investors, accelerators, advisors, government agencies, mentoring groups,
hosters - all involved in supporting software-fueled innovation and the
next generation of technology entrepreneurs.
- *Exclusive Offers *- software development and other tools/services to
help build your co. -
http://www.microsoft.com/**bizspark/Offers/<http://www.microsoft.com/bizspark/Offers/>

No, you do not have to be building on .NET in order to qualify :). *To
learn more about the value and to join BizSpark please go here:*
aka.ms/founderdating (no charge to join).

As always, welcome feedback (of the constructive sort) and if you have
questions about this opportunity let us know.

On Tue, Dec 18, 2012 at 12:03 PM, Bryan Burke <bryan.t.bu...@gmail.com>wrote:

Clynton Caines SharePoint Developer at Discover Technologies

December 18th, 2012

Sridhar,

With any (reputable) service you use, you should scour the web for
free/low-cost starter packages. There\'s a lot of competition right now.

ex: http://aws.amazon.com/free/

And let us know how it goes, since I\'m sure others are interested.

Clynton

Claudia Perez Business Development at Equiinet

December 18th, 2012

Hello Roby,

A member of the Vegas Tech community and co-founder of Fandeavor gave a
talk about this and the different options. Check out his blog post about it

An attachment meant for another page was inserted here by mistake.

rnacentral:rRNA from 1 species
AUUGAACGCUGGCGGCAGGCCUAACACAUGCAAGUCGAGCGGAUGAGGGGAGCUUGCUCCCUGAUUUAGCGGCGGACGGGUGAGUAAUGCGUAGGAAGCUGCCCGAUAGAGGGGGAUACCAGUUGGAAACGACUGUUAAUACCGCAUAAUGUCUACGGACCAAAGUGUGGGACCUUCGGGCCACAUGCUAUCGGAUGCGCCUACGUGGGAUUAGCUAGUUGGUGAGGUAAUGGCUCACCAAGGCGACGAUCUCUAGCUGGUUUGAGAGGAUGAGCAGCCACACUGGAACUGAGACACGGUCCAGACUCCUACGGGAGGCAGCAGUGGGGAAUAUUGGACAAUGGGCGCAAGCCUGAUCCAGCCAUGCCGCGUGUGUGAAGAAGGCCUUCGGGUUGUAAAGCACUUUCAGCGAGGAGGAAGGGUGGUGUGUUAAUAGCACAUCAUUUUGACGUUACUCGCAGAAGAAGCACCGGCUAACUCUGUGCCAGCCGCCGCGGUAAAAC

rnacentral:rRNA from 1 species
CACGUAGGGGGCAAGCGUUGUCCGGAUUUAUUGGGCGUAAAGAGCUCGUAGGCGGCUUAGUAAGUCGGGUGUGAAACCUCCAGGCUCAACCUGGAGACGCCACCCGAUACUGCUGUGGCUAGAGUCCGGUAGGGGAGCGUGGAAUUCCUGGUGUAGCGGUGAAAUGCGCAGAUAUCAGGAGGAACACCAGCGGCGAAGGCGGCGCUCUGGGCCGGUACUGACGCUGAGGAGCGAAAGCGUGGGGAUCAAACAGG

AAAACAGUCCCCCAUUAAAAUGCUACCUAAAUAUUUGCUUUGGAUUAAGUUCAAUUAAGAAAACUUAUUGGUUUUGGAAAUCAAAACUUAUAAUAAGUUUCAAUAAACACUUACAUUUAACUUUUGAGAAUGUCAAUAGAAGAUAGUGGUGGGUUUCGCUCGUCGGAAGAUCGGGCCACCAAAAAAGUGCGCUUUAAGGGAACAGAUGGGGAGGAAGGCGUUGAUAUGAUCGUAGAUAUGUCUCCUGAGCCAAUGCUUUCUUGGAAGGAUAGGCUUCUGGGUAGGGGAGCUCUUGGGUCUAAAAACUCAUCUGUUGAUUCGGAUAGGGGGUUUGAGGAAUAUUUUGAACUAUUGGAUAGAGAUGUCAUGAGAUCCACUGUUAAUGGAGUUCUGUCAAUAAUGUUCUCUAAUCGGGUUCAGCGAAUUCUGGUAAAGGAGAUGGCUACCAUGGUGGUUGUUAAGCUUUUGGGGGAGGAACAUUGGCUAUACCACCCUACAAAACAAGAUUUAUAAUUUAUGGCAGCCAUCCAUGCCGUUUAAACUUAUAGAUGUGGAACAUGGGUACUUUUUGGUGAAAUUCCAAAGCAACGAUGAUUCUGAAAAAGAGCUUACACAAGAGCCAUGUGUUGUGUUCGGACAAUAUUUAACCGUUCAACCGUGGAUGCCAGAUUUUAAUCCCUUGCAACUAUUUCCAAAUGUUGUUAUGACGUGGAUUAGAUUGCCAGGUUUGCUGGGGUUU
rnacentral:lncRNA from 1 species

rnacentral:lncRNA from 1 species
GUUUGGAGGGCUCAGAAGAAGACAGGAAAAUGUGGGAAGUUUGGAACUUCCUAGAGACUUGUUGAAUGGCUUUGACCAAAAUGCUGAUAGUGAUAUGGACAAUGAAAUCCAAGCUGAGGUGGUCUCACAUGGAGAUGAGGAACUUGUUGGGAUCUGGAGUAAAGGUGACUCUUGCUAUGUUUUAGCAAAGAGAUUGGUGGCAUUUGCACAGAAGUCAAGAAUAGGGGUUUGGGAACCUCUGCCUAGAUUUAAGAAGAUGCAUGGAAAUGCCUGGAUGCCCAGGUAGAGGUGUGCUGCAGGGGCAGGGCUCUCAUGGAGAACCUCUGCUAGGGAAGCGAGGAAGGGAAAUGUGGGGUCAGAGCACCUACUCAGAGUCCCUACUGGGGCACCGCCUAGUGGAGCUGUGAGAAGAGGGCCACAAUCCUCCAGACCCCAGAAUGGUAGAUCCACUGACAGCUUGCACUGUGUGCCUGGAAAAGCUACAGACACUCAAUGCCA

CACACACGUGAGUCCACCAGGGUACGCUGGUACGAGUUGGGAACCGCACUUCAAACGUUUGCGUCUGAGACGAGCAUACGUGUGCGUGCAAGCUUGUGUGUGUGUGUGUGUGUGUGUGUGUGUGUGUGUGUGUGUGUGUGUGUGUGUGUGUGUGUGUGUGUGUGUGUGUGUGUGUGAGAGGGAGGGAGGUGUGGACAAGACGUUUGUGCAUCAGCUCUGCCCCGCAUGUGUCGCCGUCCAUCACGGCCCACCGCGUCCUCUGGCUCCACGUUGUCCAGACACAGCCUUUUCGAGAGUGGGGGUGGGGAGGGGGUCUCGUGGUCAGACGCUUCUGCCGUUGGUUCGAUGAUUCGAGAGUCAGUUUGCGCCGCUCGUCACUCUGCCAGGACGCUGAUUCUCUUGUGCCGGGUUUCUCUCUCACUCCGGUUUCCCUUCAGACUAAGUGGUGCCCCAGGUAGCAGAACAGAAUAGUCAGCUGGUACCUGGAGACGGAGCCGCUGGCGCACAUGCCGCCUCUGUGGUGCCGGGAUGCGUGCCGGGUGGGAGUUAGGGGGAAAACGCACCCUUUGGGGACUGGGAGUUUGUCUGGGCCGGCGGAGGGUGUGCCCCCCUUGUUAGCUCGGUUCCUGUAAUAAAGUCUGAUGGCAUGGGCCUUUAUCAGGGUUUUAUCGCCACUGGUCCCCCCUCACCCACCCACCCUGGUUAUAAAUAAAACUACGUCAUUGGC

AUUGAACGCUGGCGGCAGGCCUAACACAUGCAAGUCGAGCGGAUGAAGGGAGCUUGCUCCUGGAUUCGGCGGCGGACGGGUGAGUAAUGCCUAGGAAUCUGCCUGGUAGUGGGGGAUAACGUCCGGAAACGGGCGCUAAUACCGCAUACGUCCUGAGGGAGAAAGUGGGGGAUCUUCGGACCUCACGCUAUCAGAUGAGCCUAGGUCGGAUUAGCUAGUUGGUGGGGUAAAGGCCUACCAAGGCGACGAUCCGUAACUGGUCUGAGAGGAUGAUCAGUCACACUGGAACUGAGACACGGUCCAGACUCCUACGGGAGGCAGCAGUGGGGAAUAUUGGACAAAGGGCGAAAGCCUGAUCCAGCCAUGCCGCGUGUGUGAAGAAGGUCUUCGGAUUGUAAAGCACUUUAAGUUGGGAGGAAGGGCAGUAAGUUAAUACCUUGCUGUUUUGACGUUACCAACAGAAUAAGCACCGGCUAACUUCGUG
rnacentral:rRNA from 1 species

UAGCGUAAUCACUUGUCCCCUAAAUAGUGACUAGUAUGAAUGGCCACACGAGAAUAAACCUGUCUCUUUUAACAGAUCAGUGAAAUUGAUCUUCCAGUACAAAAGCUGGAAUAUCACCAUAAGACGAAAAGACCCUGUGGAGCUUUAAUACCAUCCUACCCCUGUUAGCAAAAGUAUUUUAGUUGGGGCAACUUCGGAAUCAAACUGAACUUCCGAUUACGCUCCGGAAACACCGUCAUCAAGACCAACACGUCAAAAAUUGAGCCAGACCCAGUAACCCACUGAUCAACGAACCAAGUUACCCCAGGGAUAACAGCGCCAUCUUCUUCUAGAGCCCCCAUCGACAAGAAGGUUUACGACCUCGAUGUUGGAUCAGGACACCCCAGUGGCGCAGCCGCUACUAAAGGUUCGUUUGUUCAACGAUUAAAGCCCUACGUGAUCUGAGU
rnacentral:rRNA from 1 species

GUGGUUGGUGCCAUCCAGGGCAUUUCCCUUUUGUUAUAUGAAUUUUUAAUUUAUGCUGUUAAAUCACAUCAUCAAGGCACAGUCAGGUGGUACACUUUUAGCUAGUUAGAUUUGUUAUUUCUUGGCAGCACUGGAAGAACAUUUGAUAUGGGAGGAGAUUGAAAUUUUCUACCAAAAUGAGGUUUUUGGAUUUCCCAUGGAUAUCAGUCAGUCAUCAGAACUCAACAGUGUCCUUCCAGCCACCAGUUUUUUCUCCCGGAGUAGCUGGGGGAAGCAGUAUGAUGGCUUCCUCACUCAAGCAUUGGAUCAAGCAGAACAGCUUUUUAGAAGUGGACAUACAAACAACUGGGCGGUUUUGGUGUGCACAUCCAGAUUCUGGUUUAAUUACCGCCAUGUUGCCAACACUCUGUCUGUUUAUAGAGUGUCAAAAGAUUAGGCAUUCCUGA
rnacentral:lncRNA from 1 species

at: http://techocchio.com/

It might be helpful in determining which solution works best.

Claudia

Max Avroutski

December 18th, 2012

I considered getting a free year of AWS but decided against it since I have to spend time learning it and setting up AWS and in the end it can\'t compete on service or price or reliability or flexibility. So no point wasting time on dealing with it.

AWS give you free year to force you to forget that they suck. Why no one give out free pound of gold to see if you like gold? Because it has value. AWS is nearly useless for a stable service use.

Heroku is even more convoluted nonsense and is a service for incompetent who pose as developers.

Hundreds of companies have good reputation and provide virtual servers that are properly isolated while running together on a particular physical server and allow you to setup many V-servers to model and test your future system and also provide physical server to which you can upgrade. As far as 64-80 Cores and 512-1024GB of ram. Yes, that is One Terabyte of RAM

For info who are the good companies look and post your questions at http://www.webhostingtalk.com
There are hundreds of thousands of developers and service providers. It\'s the biggest forum for talking about internet services.